Sidebar time. See, let me pause in the story for a moment to address the massive pink pachyderm in the room. Here’s the thing: most cops can’t shoot. I mean like really can’t shoot. I was definitely in the majority skills-wise. On yearly quals our regular officers pass with a 75% out of 100. And if they fail they end up getting something like 8 chances to re-shoot before getting their weapon taken if they still can’t pass. Now there are some incredible shooters and some really good shooters in the LE community but they make up less than 15% according to a statistic that I just made up to prove my point. Most are “C”average students and a few of them struggle every year just to keep their jobs. Pretty scary right? Well consider this: in America it’s now the cutesy-patootsy thing to give everybody a trophy whether they deserve it or not. I mean they gave me a job right? See my point? So you have more people being pushed through academies because of either lower standards or refusal to enforce standards (“Give them ONE more try….again…..”.) Also nowadays less and less people want to work in law enforcement due to the current social climate so they need bodies. Most cops will never receive any significant additional firearms training after their academy unless they have a proactive command staff or are assigned to a special operations unit. And a lot of them won’t participate even when it is offered to them. My agency has open practice days several times a month to assist shooters of all skill levels and most of them can’t be bothered to show up. The truth is we don’t like to do activities at which we suck. And since I’m on this soapbox let me go ahead and hit this item real quick. If you are one of those people who carry a gun for a living and you say that you “aren’t going to train if they aren’t paying you to” or that “you don’t have time” please punch yourself in the plumbing right now. I call bullshit. No, BULLSHIT. I don’t care if money’s tight, you can find enough extra $$ every month to buy a box of rounds. Maybe drink Natty Light instead of Stella one day a week or something. You can trim somewhere to find that cash. And okay, if you are the one person in the financial position to be able to afford nothing, check this little nugget out: Recoil management is about the only thing that you can’t train for by dry-firing in the comfort of your own home.Think about it: almost every other fundamental of marksmanship or weapons manipulation can be practiced dry. And the “no time” thing? You have the same amount of hours in the day as Arnold Schwarzenegger, Mother Teresa, and the lead singer of Whitesnake and all of those badass people found the time to accomplish some pretty phenomenal stuff. You’re telling me that you don’t have ten minutes a day to dry fire while you watch some dumbass singing competition or “reality” show? Here’s a dose of reality: it’s only your life at stake. Actually it’s all of the other cops and citizens that you swore to protect who’s lives are at stake. We’re responsible for every round that we send downrange. The abilities must be there. You are not going to revert to your training under stress; you are going to revert to the level of training that you have mastered and made second nature. This is why I love responsibly-armed citizens. They devote their time and energy towards skills that they understand are essential for preserving life. Give me a class of citizens who spent their own hard-earned cash to be there over some cops whose agency forced them to attend any day. To my LE brothers and sisters: I love you and thank you for what you do, but if you have ever uttered either of those excuses, then it’s come-to Jesus time. The maximum effective range of an excuse is zero meters. Take your excuses and shove them up the tops of your legs, shut the *&^% up, and get training.
Sheesh, sorry for the rant. Where was I? Oh yeah, okay SWAT selection. So as a former “don’t have time” type of shooter, I had waited too long to begin preparing for the screener. My only chance: lots of prayer. I went straight Bon Jovi and was living on that stuff and lo and behold on the day of the screener, the Good Lord saw fit to perform the miracle of allowing me to pass the shooting portion. Hallelujah! I then survived selection and made it onto the Team. And we lived happily ever after……..until the next time that I had to qualify. I failed and was put on 30 days probation. I had made it and now I was in danger of losing it. I didn’t know that I had to CONSISTENTLY shoot well! I pulled it out of my ass and was returned to full status but the anxiety remained. I wouldn’t sleep for several nights leading up to any training day and I went through a lot of toilet paper. The breaking point for me was being the only one of my peers to fail a shooting qual. required to gain entry into a course. Something had to give. Enter my instructor:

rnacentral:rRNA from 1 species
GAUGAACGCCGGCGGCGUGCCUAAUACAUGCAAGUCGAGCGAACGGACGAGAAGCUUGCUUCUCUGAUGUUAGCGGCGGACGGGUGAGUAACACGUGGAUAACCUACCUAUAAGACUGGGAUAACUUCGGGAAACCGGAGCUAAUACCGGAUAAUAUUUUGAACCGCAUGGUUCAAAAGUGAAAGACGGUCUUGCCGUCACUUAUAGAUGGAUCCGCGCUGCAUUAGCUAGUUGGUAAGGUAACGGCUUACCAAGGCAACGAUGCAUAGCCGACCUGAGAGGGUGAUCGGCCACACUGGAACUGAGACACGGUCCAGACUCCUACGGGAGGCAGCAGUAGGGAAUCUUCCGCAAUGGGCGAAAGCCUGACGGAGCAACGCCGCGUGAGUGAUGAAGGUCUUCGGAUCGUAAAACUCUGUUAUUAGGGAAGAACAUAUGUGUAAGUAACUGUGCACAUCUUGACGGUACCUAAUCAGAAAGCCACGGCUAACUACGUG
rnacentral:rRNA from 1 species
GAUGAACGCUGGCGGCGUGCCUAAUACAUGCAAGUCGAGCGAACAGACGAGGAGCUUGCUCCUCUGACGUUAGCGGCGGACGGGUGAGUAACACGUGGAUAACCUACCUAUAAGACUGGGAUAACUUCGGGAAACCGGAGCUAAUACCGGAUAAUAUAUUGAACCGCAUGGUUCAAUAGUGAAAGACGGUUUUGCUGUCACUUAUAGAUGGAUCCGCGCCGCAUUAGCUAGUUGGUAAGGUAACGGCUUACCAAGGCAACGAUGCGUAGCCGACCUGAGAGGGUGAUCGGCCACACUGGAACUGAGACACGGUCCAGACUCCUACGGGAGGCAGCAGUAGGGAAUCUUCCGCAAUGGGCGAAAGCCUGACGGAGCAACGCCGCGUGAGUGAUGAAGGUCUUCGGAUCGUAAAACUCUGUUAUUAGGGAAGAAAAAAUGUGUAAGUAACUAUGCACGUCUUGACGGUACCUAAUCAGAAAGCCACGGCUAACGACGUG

When an instructor tells you that you are “jerking” or “slapping” the trigger it’s almost always an incorrect assessment. I mean, you may in fact be aggressively manipulating the trigger, but it is almost never enough force to create the extreme misses that we see in courses. I’m talking 12-14 inches off at 7 yards kind of missing. What is almost always occurring is that the other three fingers and thumb of the shooting hand are pulsing at the moment that the weapon fires in anticipation of the recoil. I often tell shooters that I don’t care how much or how little trigger finger they are using as long as the hand isn’t helping them to discharge the weapon. Someone way smarter than I (thanks Ross) dubbed this the “three amigos”, as in the three other fingers have been drinking margaritas and are trying to join the party. It is usually very difficult to get a student to realize this, and they will often vehemently deny that this is the case, i.e. “my sights are off”, “it’s the gun”, and my personal favorite “I’m simulating combat.” I’m pretty sure that the goal in combat is to hit what you’re aiming at. So out come the dummy rounds. They are the cheapest instructor that you will ever find. I use them on students and myself all of the time. Think you aren’t adding impulse from the hand when shooting? Let your buddy load your mags with some dummy rounds snuck in and let the laughs fly when you flinch like the first time you saw The Blair Witch Project. So once we have established that this is indeed the causation of many many misses, we use dummy rounds in every mag. The bonus is that we also get reps at immediate action drills for re-functioning the weapon. I began using these all of the time and after a lot of red-faced shame, I started losing the flinch. I went back a year later and passed that course. Obviously this isn’t a cure-all, but I’m telling you it will expose a flinch problem faster than seeing your parents naked. Stay tuned for next time when I’ll continue to waste most of my space on stupid stuff and then give you two sentences of potentially helpful suggestions. Deuces.BIO – Jason “Jabo” Long – Currently serving as Team Leader on a full-time SWAT Team with a large law enforcement agency. He began his career in 1997 and has an extensive background in both conducting and training others for high-risk law enforcement operations. He is a lifelong student, sometimes instructor, and is a graduate of the Dept. of the Army/FBI Hazardous Devices School (Bomb Technician), DARC LECTC-01, and DARC LECTC-02. Jabo is the co-owner of Ronin Combat Strategies and is an instructor for TOSS.